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Tax Deferred Investing: The Unexpected Tax Trap

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Don't get me started on quotes:

Mark Twain said: What is the difference between a taxidermist and a tax collector? The taxidermist takes only your skin.

Will Rogers: The only difference between death and taxes is that death doesn't get worse every time Congress meets.
 

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13 hours ago, tony said:

You make me laugh  too Steve. I never thought I would hear anyone say how grateful they are to pay taxes. 🙂

I pay so little in investment costs, that alone, pays for the taxes, new cars, remodeling, giving and traveling. Of course, the returns help but I cannot control returns, nobody can. 

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Folks with pensions are well served to consider how the pension income and social security will affect their tax brackets and their Traditional/Roth mix. To the extent that people take that great advice, this article is wonderful. To the extent that people walk away thinking Roths are clearly the way to go, this article isn't so awesome.

On 2/6/2019 at 11:56 AM, sschullo said:

the article debunks the long-held view that our incomes will be lower in retirement than while working.

The strength of this statement isn't in line with the rigor of the article.

The article relied on an entirely hypothetical scenario rather than real world data. They presented us with a hypothetical person who spends well under 90k per year (salary is 90k, they're investing money, and they're paying taxes) and we're told they'll earn 80k through their pension and social security. Well of course that person wouldn't see the benefit (and will likely be hurt) of a traditional retirement account!

You know what else this hypothetical person was hurt by? Working much longer than they needed to and/or living most of their life with a lower standard of living than they could have afforded...and apparently will afford in retirement (assuming they're healthy enough to).

On 2/6/2019 at 4:15 PM, tony said:

This is why I stopped investing in tax sheltered investments the minute Roth 403b 's /457b Roths became  available and why I have money in Roth IRA's and taxable accounts and  why I suggest going Roth all -the -way to the new folks. I know some may disagree based on math projections but who cares about the math projections.

Obviously I care about math as we all should 🙂 . Roth investments are superior when:

1) You are going to have more income in retirement than you did when working. Everybody has different goals, but I think most people who could potentially fall into this scenario would be happy to avoid it by retiring earlier and/or increasing their standard of living during their working years.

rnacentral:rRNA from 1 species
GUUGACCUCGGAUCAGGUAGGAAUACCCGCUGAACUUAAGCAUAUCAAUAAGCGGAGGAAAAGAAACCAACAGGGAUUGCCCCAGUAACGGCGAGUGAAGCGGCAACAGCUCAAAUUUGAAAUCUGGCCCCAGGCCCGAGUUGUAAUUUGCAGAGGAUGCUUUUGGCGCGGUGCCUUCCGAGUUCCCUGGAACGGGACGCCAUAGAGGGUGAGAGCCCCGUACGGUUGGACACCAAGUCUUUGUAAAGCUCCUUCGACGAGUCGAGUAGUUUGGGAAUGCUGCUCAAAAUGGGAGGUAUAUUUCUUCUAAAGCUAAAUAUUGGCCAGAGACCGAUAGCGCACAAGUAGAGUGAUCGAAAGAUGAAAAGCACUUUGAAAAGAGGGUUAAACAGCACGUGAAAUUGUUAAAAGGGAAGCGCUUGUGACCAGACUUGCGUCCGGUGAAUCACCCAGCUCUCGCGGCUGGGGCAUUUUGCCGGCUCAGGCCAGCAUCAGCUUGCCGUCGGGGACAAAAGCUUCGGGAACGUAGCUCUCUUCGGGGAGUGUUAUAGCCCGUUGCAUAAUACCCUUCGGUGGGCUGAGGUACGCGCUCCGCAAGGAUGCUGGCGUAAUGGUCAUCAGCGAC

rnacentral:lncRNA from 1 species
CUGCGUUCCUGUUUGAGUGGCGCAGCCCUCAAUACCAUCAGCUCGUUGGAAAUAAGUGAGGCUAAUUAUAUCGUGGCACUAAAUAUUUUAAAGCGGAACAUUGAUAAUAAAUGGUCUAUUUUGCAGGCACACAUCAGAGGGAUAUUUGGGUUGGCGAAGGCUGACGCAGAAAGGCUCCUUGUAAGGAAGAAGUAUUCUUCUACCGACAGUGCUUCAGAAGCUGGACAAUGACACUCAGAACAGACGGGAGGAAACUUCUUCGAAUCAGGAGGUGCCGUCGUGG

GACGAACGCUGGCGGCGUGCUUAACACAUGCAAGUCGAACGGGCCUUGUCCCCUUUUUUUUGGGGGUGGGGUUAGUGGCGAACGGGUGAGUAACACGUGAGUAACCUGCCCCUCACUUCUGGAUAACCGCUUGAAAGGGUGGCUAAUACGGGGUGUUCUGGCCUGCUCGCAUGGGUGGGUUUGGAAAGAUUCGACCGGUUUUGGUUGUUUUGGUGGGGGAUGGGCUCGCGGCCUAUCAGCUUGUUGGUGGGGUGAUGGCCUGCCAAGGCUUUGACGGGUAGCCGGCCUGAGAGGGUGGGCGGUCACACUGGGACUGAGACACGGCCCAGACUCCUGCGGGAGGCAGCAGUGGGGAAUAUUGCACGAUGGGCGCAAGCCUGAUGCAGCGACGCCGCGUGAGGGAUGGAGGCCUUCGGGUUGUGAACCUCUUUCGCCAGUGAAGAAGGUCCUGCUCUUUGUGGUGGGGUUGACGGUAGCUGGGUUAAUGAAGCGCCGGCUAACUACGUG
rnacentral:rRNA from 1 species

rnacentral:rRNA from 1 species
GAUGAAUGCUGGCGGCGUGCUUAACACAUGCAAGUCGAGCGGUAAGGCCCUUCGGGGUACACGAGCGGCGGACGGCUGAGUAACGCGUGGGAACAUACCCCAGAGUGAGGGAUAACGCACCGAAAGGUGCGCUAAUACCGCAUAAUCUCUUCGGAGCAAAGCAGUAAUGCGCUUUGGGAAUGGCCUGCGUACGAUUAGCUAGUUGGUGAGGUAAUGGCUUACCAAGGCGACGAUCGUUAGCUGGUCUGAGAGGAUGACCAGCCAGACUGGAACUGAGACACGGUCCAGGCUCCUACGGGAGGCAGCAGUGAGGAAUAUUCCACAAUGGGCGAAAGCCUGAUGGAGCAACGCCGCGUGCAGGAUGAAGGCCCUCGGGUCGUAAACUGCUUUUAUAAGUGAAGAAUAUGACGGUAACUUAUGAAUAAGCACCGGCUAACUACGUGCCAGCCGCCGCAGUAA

2) You are currently in an artificially low tax bracket. Maybe you're a doctor in residency, maybe you worked a couple months of the year before taking a break from working, maybe you're a poor teacher getting ready to marry a CEO, etc.

3) You are willing to bet on or hedge against much higher taxes by the time you hit retirement.

On 2/6/2019 at 4:15 PM, tony said:

If you pay the taxes along the way you don't get straddled with huge tax hits and  don't suffer the shock and trauma of having to pay huge amounts of taxes at a time when you are not working.

I understand there is a psychological effect of paying taxes at the end, but as we both know a Roth doesn't avoid taxes...it saddles you with a likely larger tax bill every year leading up to retirement.

On 2/6/2019 at 4:15 PM, tony said:

Won't our RMD's be taxed as income?

Any money you take out of a traditional retirement account will be treated as ordinary income.

On 2/6/2019 at 8:56 PM, MNGopher said:

I plan to retire at 57 or 58, with the help of taxable savings between age 57-59.5, 403 B between 59.5 and full retirement age (67), and Roth whenever extra is needed.

I'd have to google the ins and outs of a 403b, but I figured I'd point this out...

With IRAs at least, you can retire as early as you want and access the money WITHOUT paying the penalty. I can't remember the section of the tax code, but I think you basically start taking RMDs early. So the odds are you don't have to rely on your taxable account to fully fund an early retirement. I think can probably use your 403b in early retirement to fill up the lower tax brackets (and maybe even convert some of it to a Roth).

On 2/7/2019 at 6:57 PM, tony said:

If you expect to to have more income in Retirement than you had while on the job, it's a tax trap to go 403b tax deferred and should go Roth.

I'd modify that slightly...